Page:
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Author Topic: S/O hosting without food  (Read 3513 times)

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S/O hosting without food
« on: May 27, 2012, 04:02:06 PM »
Thena's story about her parents' friend who had everyone over for her birthday but didn't provide food reminded me of this story. I've been wanting to get this off my chest for awhile.

Now, please understand that I totally understand that the hostess in this instance was going through an extremely difficult time. That is the only reason we were as gracious as we were.

This happened immediately after my FIL died. DH's parents divorced over 40 years ago, and he remarried "Sally" a few years later. They had two sons. We had a decently cordial relationship with FIL and Sally. FIL became very ill about a year ago and was in and out of ICU for months. Sally, meanwhile, has always had some mental health issues that got much worse. She got incredibly erratic, and a manipulative streak I'd always sensed was there became much more pronounced. FIL finally passed away, and the few weeks before the funeral Sally had to be hospitalized for her mental issues.

So, Sally had a milestone birthday a few days after the funeral. We had planned on doing something for her as soon as she was up to it, but she called DH the day before her birthday and insisted that we come to the house for lunch the next day. She was still hospitalized, and she gets terribly stressed out when she tries to do any sort of hosting, so DH was very doubtful and tried to talk her out of it. She said she was coming home that day and there would be leftover food from the funeral. We were still doubtful, and I probably should have just shut it down right then, but it sounded reasonable enough so we hesitantly went along. I was still concerned about the timetable, since she said to "just drop by after church." She has never quite understood that we live about 40 minutes away and there is no "dropping by." This would mean that we weren't going to be eating lunch until about 1:30, but it had basically been decided, so off we went.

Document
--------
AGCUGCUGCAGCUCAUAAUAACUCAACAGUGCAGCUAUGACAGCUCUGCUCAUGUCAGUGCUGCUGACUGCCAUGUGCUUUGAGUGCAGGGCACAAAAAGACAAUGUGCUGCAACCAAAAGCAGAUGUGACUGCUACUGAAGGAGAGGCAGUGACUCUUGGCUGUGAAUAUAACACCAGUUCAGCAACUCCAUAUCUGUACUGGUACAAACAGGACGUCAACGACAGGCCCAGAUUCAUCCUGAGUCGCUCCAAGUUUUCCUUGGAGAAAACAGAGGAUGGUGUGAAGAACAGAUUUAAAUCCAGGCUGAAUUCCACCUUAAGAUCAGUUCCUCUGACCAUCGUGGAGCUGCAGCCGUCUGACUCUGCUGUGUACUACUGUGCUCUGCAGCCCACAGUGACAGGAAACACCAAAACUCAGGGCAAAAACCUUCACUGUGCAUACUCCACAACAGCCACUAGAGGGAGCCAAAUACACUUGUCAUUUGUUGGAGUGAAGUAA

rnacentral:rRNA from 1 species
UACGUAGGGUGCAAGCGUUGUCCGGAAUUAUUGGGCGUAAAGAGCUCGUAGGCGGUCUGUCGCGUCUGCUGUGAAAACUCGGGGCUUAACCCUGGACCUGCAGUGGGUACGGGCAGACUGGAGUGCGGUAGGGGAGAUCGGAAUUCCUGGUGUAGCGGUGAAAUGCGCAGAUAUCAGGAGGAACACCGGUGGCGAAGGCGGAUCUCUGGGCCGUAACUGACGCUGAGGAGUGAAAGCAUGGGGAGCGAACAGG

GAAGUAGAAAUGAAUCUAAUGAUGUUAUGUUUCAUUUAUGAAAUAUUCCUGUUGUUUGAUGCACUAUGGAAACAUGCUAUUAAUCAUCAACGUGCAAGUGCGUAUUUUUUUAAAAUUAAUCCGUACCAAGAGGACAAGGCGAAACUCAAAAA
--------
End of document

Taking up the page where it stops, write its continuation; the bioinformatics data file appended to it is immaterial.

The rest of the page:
First bad sign: we arrive to an empty, locked house. DH calls Sally, who says they will be there in 30 minutes or so, and to let ourselves in with the hidden key. As we're searching for the hidden key, BIL suddenly emerges from their basement apartment where he lives. He had no idea we were there, and tells us he's late for band practice and leaves. (On his mother's milestone birthday. With guests there. And did you catch the part where he lives in his parents' basement and plays in a band? But I digress.)